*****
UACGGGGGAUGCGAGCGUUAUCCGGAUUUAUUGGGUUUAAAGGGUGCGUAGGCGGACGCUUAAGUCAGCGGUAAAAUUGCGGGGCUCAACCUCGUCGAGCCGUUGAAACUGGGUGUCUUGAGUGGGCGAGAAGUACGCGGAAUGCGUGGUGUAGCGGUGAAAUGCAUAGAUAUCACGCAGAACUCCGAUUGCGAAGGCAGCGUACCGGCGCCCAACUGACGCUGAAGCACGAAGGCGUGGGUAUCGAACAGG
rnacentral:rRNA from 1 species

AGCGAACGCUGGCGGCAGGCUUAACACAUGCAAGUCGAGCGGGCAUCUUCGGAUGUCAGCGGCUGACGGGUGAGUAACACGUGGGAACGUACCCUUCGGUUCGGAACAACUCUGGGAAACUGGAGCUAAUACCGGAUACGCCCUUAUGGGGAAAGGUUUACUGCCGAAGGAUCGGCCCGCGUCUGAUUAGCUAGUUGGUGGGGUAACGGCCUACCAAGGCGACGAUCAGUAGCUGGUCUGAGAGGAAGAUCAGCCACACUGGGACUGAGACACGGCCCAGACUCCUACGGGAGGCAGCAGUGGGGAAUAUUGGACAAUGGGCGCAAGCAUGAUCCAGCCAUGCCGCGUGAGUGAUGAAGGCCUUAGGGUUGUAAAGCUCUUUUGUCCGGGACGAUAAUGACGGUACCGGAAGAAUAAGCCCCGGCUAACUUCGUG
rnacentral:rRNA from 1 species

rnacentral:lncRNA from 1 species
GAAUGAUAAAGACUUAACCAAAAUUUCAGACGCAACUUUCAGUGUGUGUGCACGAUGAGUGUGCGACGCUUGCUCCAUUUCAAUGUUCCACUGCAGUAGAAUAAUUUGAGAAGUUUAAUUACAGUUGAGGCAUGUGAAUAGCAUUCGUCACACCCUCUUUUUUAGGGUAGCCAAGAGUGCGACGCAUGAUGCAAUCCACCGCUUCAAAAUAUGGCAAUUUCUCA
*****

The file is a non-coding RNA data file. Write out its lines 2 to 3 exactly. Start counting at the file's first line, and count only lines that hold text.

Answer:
rnacentral:rRNA from 1 species

AGCGAACGCUGGCGGCAGGCUUAACACAUGCAAGUCGAGCGGGCAUCUUCGGAUGUCAGCGGCUGACGGGUGAGUAACACGUGGGAACGUACCCUUCGGUUCGGAACAACUCUGGGAAACUGGAGCUAAUACCGGAUACGCCCUUAUGGGGAAAGGUUUACUGCCGAAGGAUCGGCCCGCGUCUGAUUAGCUAGUUGGUGGGGUAACGGCCUACCAAGGCGACGAUCAGUAGCUGGUCUGAGAGGAAGAUCAGCCACACUGGGACUGAGACACGGCCCAGACUCCUACGGGAGGCAGCAGUGGGGAAUAUUGGACAAUGGGCGCAAGCAUGAUCCAGCCAUGCCGCGUGAGUGAUGAAGGCCUUAGGGUUGUAAAGCUCUUUUGUCCGGGACGAUAAUGACGGUACCGGAAGAAUAAGCCCCGGCUAACUUCGUG